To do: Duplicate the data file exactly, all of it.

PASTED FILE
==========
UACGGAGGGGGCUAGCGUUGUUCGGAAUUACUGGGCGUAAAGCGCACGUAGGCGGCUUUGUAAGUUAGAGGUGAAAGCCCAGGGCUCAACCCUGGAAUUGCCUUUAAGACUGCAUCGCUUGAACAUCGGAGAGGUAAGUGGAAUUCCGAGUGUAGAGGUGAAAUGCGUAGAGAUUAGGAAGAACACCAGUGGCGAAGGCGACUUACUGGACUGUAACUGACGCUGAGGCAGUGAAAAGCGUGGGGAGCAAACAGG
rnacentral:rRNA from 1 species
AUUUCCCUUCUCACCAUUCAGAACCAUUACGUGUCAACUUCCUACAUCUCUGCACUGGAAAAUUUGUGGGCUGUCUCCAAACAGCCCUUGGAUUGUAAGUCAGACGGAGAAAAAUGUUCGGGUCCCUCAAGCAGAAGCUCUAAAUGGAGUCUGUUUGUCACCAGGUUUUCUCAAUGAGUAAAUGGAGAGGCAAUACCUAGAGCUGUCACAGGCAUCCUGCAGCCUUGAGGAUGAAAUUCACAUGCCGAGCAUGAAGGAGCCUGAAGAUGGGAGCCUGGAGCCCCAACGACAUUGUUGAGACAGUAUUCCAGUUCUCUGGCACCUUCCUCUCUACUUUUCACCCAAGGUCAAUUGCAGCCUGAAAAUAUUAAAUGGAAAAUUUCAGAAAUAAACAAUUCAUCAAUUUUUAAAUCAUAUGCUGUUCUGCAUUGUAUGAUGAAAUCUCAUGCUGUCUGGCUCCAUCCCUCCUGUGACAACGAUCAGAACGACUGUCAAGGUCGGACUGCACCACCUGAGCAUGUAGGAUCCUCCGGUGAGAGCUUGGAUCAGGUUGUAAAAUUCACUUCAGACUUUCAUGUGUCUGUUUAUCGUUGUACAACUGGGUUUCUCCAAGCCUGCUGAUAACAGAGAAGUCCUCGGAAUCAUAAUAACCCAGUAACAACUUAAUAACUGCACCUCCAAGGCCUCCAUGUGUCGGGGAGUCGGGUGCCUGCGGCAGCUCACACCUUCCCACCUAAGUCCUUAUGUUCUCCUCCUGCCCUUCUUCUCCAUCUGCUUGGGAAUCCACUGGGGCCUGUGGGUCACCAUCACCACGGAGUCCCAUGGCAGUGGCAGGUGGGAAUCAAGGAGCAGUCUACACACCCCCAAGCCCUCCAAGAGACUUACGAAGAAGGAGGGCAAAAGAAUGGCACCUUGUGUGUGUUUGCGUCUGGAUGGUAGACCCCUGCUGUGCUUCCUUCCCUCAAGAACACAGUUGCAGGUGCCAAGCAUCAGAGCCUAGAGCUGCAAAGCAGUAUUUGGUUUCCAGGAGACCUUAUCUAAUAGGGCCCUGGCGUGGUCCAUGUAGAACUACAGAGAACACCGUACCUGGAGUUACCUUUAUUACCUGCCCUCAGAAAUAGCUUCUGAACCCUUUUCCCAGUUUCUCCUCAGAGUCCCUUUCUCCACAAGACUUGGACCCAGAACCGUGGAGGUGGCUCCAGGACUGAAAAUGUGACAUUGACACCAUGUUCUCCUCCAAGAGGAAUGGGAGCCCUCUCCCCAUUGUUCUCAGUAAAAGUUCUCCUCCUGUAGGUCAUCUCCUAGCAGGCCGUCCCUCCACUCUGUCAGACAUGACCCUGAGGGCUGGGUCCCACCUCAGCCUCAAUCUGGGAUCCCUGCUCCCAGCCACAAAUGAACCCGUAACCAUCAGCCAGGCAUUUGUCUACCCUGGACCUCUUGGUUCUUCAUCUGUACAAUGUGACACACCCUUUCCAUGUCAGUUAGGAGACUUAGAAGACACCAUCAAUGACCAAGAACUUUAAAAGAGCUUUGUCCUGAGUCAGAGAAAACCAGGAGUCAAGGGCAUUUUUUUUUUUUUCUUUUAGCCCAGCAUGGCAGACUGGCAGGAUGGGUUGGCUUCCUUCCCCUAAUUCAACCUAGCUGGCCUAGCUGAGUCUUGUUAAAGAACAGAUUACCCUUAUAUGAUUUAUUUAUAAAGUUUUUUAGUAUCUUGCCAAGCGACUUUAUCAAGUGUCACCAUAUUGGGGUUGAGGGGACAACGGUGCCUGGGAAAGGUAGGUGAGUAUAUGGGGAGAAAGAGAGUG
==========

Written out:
UACGGAGGGGGCUAGCGUUGUUCGGAAUUACUGGGCGUAAAGCGCACGUAGGCGGCUUUGUAAGUUAGAGGUGAAAGCCCAGGGCUCAACCCUGGAAUUGCCUUUAAGACUGCAUCGCUUGAACAUCGGAGAGGUAAGUGGAAUUCCGAGUGUAGAGGUGAAAUGCGUAGAGAUUAGGAAGAACACCAGUGGCGAAGGCGACUUACUGGACUGUAACUGACGCUGAGGCAGUGAAAAGCGUGGGGAGCAAACAGG
rnacentral:rRNA from 1 species
AUUUCCCUUCUCACCAUUCAGAACCAUUACGUGUCAACUUCCUACAUCUCUGCACUGGAAAAUUUGUGGGCUGUCUCCAAACAGCCCUUGGAUUGUAAGUCAGACGGAGAAAAAUGUUCGGGUCCCUCAAGCAGAAGCUCUAAAUGGAGUCUGUUUGUCACCAGGUUUUCUCAAUGAGUAAAUGGAGAGGCAAUACCUAGAGCUGUCACAGGCAUCCUGCAGCCUUGAGGAUGAAAUUCACAUGCCGAGCAUGAAGGAGCCUGAAGAUGGGAGCCUGGAGCCCCAACGACAUUGUUGAGACAGUAUUCCAGUUCUCUGGCACCUUCCUCUCUACUUUUCACCCAAGGUCAAUUGCAGCCUGAAAAUAUUAAAUGGAAAAUUUCAGAAAUAAACAAUUCAUCAAUUUUUAAAUCAUAUGCUGUUCUGCAUUGUAUGAUGAAAUCUCAUGCUGUCUGGCUCCAUCCCUCCUGUGACAACGAUCAGAACGACUGUCAAGGUCGGACUGCACCACCUGAGCAUGUAGGAUCCUCCGGUGAGAGCUUGGAUCAGGUUGUAAAAUUCACUUCAGACUUUCAUGUGUCUGUUUAUCGUUGUACAACUGGGUUUCUCCAAGCCUGCUGAUAACAGAGAAGUCCUCGGAAUCAUAAUAACCCAGUAACAACUUAAUAACUGCACCUCCAAGGCCUCCAUGUGUCGGGGAGUCGGGUGCCUGCGGCAGCUCACACCUUCCCACCUAAGUCCUUAUGUUCUCCUCCUGCCCUUCUUCUCCAUCUGCUUGGGAAUCCACUGGGGCCUGUGGGUCACCAUCACCACGGAGUCCCAUGGCAGUGGCAGGUGGGAAUCAAGGAGCAGUCUACACACCCCCAAGCCCUCCAAGAGACUUACGAAGAAGGAGGGCAAAAGAAUGGCACCUUGUGUGUGUUUGCGUCUGGAUGGUAGACCCCUGCUGUGCUUCCUUCCCUCAAGAACACAGUUGCAGGUGCCAAGCAUCAGAGCCUAGAGCUGCAAAGCAGUAUUUGGUUUCCAGGAGACCUUAUCUAAUAGGGCCCUGGCGUGGUCCAUGUAGAACUACAGAGAACACCGUACCUGGAGUUACCUUUAUUACCUGCCCUCAGAAAUAGCUUCUGAACCCUUUUCCCAGUUUCUCCUCAGAGUCCCUUUCUCCACAAGACUUGGACCCAGAACCGUGGAGGUGGCUCCAGGACUGAAAAUGUGACAUUGACACCAUGUUCUCCUCCAAGAGGAAUGGGAGCCCUCUCCCCAUUGUUCUCAGUAAAAGUUCUCCUCCUGUAGGUCAUCUCCUAGCAGGCCGUCCCUCCACUCUGUCAGACAUGACCCUGAGGGCUGGGUCCCACCUCAGCCUCAAUCUGGGAUCCCUGCUCCCAGCCACAAAUGAACCCGUAACCAUCAGCCAGGCAUUUGUCUACCCUGGACCUCUUGGUUCUUCAUCUGUACAAUGUGACACACCCUUUCCAUGUCAGUUAGGAGACUUAGAAGACACCAUCAAUGACCAAGAACUUUAAAAGAGCUUUGUCCUGAGUCAGAGAAAACCAGGAGUCAAGGGCAUUUUUUUUUUUUUCUUUUAGCCCAGCAUGGCAGACUGGCAGGAUGGGUUGGCUUCCUUCCCCUAAUUCAACCUAGCUGGCCUAGCUGAGUCUUGUUAAAGAACAGAUUACCCUUAUAUGAUUUAUUUAUAAAGUUUUUUAGUAUCUUGCCAAGCGACUUUAUCAAGUGUCACCAUAUUGGGGUUGAGGGGACAACGGUGCCUGGGAAAGGUAGGUGAGUAUAUGGGGAGAAAGAGAGUG